But the authenticity fixation, according to Mr. Potter, goes deeper than consumer choices. It is the culprit, for instance, behind "a debased political culture dominated by negative advertising and character assassination." Political candidates are always selling their own sincerity, so that any crack in the façade (never too hard to find) launches a hundred attack ads. Taken to its darkest extremes, obsessive authenticity can become deadly, as in the case of Islamic fundamentalism or the hyper-nationalist authenticity of fascism. Less toxic, but more common, is the craving for authenticity among those in the West who see a market economy and consumer culture as sterile and false—inauthentic, in other words—and who defend the world's most repressive cultures, looking past their brutality to admire their resistance to modernity.

It is the disillusionment with modernity, Mr. Potter maintains, that underlies the authenticity quest. When man was preoccupied with finding food and appeasing capricious gods, he didn't have the time or inclination to ask whether he had "sold out" for an easy paycheck or failed to align himself with some abstract ideal of the "authentic" life. But then science made the formerly mystical cosmos explainable, and a spread of democratic ideas, in politics and markets alike, made food and freedom more broadly shared. The result was "a new kind of society and, inevitably, a new kind of person," Mr. Potter writes, one more given to looking within for meaning and not liking what he found there. The individual's own self-definition filled the gap left by faith and authority.

Mr. Potter anoints Jean-Jacques Rousseau, the 18th-century philosopher, as the godfather of the authenticity quest. His famous "state of nature" was a fantasy of authenticity, an idea of man's existence before society. Mr. Potter argues that Rousseau used the state-of-nature concept as "a regulative ideal" by which to measure how far we had strayed from a lost harmony.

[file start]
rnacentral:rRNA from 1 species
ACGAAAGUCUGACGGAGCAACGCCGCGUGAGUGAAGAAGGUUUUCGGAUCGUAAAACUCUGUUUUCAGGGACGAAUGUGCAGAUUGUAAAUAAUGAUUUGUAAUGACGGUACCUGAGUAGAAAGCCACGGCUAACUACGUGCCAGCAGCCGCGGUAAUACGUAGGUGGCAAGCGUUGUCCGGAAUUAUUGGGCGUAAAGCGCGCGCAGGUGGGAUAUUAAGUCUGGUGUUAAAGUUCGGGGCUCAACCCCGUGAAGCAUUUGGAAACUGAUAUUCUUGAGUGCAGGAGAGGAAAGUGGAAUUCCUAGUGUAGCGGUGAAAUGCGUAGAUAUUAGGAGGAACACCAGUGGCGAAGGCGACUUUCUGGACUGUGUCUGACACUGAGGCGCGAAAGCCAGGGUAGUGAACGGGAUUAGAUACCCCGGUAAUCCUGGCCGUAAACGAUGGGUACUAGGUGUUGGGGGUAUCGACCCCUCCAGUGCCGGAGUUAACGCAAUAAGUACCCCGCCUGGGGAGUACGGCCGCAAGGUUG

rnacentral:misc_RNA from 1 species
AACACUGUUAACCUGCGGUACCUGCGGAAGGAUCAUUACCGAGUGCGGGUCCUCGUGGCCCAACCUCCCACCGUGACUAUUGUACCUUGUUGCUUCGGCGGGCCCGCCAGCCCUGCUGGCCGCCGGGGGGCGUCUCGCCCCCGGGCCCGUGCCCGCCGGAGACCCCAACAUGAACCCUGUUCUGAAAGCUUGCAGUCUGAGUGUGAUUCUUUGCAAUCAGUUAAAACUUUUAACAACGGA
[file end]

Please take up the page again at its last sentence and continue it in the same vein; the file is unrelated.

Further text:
Rousseau's "antimodern tunnel vision," Mr. Potter says, can be found in various modern forms: in the views of the American Transcendentalists of the 19th century and the counterculture heroes of the 1960s, for instance; or in such gloomy social critics as Al Gore and Prince Charles and alarmists like James Howard Kunstler. These antimodern voices, and others, represent what Mr. Potter calls "the authenticity hoax in full throat: a dopey nostalgia for a non-existent past, a one-sided suspicion of the modern world, and stagnant and reactionary politics masquerading as something personally meaningful and socially progressive."

Mr. Potter is here to tell us what should be obvious: that there is no paradise back there, that we moderns have never had it so good and that authenticity in the way we've defined it is a sham. Modern life has blessed us with health, wealth and freedom never imagined in the good old days. It is depressing that anyone should have to write a book defending modernity from such crude opponents, but Mr. Potter's broad-ranging survey makes a good case that the authenticist fantasy is deeply embedded in the culture.

Read the whole thing.

Related: "Hold the Good News" the Rational Optimist writes: "Journalists rarely challenge pressure groups' claims of urgency and deterioration, because those are the two things that get editors' attention, too."